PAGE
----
Published 2010 335 pages
Summary (from the book jacket)
Vampires. Werewolves. Faeries. Shapeshifters.
Evie’s always thought of herself as normal. Sure, her best friend is a mermaid, her ex-boyfriend is a faerie, she’s falling for a shapeshifter and she’s the only person who can see though paranormals’ glamours, but still. Normal.
Only now paranormals are dying and Evie’s dreams are filled with haunting voices and mysterious prophecies. She begins to suspect there is a link between her abilities and the sudden rash of deaths, and even worse, that she is at the centre of a dark prophecy promising destruction to all paranormal creatures.
Paranormalcy is the first novel in a proposed urban fantasy trilogy by Kiersten White. Firmly aimed at the young adult market, Paranormalcy introduces readers to Evie, a 16 year-old girl who works for the IPCA – an international organisation that monitors and neutralises paranormal activity. Evie plays a valuable role within the IPCA, she is the only person in the world who can see through supernatural glamours to view the real paranormal being lurking underneath. The story covers her discovery that she isn’t a human agent of the IPCA but is actually one of the paranormals that they are monitoring, swiftly followed by first-love with a paranormal boy and an escape from the IPCA centre to the outside world. Danger and excitement is provided by the unknown supernatural being that seems to be following Evie, while killing all the immortal and paranormal beings that cross its path.
Paranormalcy has a wide mixture of supernatural beasties beyond vampires. In fact vampires have a fairly low-key role in this story; this is probably because as seen through Evie’s eyes they make a rather unattractive proposition – animated corpses wearing a thin layer of glamour to make them look alive. Faeries are portrayed as their classic tricky selves (with amoral personalities and a lack of interest in human lives which hold no interest and have no value in their world view) and Evie knows to her personal cost just how dangerous faeries can be – although she can’t get any of the adult members of IPCA to believe her fears.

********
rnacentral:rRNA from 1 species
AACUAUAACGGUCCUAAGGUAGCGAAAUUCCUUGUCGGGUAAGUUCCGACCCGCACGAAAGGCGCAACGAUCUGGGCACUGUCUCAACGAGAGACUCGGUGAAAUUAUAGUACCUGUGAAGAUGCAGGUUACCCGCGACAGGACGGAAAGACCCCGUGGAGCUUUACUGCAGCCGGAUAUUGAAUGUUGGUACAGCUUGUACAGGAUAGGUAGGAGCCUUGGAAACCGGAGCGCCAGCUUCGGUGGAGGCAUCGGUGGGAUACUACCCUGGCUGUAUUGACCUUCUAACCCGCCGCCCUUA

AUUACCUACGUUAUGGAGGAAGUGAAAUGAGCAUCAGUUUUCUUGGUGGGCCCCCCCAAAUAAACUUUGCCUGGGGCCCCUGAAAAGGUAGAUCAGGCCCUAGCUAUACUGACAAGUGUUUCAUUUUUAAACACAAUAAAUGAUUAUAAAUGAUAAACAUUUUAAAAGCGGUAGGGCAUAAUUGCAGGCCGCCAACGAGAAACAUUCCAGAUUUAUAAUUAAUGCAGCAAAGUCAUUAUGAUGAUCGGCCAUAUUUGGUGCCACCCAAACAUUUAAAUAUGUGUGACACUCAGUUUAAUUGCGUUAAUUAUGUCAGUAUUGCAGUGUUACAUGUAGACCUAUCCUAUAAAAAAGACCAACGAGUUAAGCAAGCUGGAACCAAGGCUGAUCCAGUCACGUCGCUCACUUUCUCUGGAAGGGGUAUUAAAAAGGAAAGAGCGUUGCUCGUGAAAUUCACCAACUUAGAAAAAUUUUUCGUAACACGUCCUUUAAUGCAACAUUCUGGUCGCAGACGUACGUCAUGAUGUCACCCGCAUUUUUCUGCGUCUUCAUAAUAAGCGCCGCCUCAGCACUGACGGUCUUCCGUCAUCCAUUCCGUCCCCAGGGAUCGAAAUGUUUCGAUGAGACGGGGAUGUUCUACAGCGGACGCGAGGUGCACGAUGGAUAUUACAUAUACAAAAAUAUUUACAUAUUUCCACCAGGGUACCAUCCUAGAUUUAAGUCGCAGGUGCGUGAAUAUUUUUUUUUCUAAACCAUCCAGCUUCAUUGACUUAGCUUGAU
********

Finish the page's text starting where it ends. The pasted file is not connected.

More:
It’s fair to say that Evie doesn’t really like most of the paranormals she comes into contact with (probably because most of them have tried to eat her at some point in the past which may have coloured her judgement) however, her best friend, who also works for IPCA, is a mermaid so she obviously doesn’t dislike all of them. Mostly she doesn’t really think much about what the IPCA might be doing to the paranormals in “neutralises” and then she is shocked when she finds out. This is one of the many things about Evie’s character that just doesn’t really work for me.
On the whole Evie seems really naive and immature – while her character has lived a sheltered life I can’t believe that she never would have attempted to find out more about what was going on at IPCA and formed firmer opinions about it. It’s like she’s been dumbed down for the consumption of teenaged readers but this does a major disservice to the majority of teenagers who may lack life experience but are in no way stupid. Evie’s character stretches disbelief in places when considering that she is well aware of just how dangerous faeries can be, she can’t be bothered to give them proper named commands or watch her words around them – leaving her looking either remarkably cavalier in her attitude or just plain stupid.
For me the problem here might be that Paranormalcy comes across like it was written for younger teenaged aged readers rather than young adults. The story is well paced and its themes of first love combined with supernatural action give it an obvious appeal for female teen readers. However the story lacks the great relationship drama that is usually associated with YA books in this genre and perhaps suffers by comparison to the more darkly dramatic offerings of authors such as P.C & Kirstin Cast, Richelle Mead or Claudia Gray.
All-in-all Paranormalcy is a flirty, fun and fast read. While Evie and Lend’s romance may lack drama, it’s sweeter than chocolate pie… which is plenty sweet enough!
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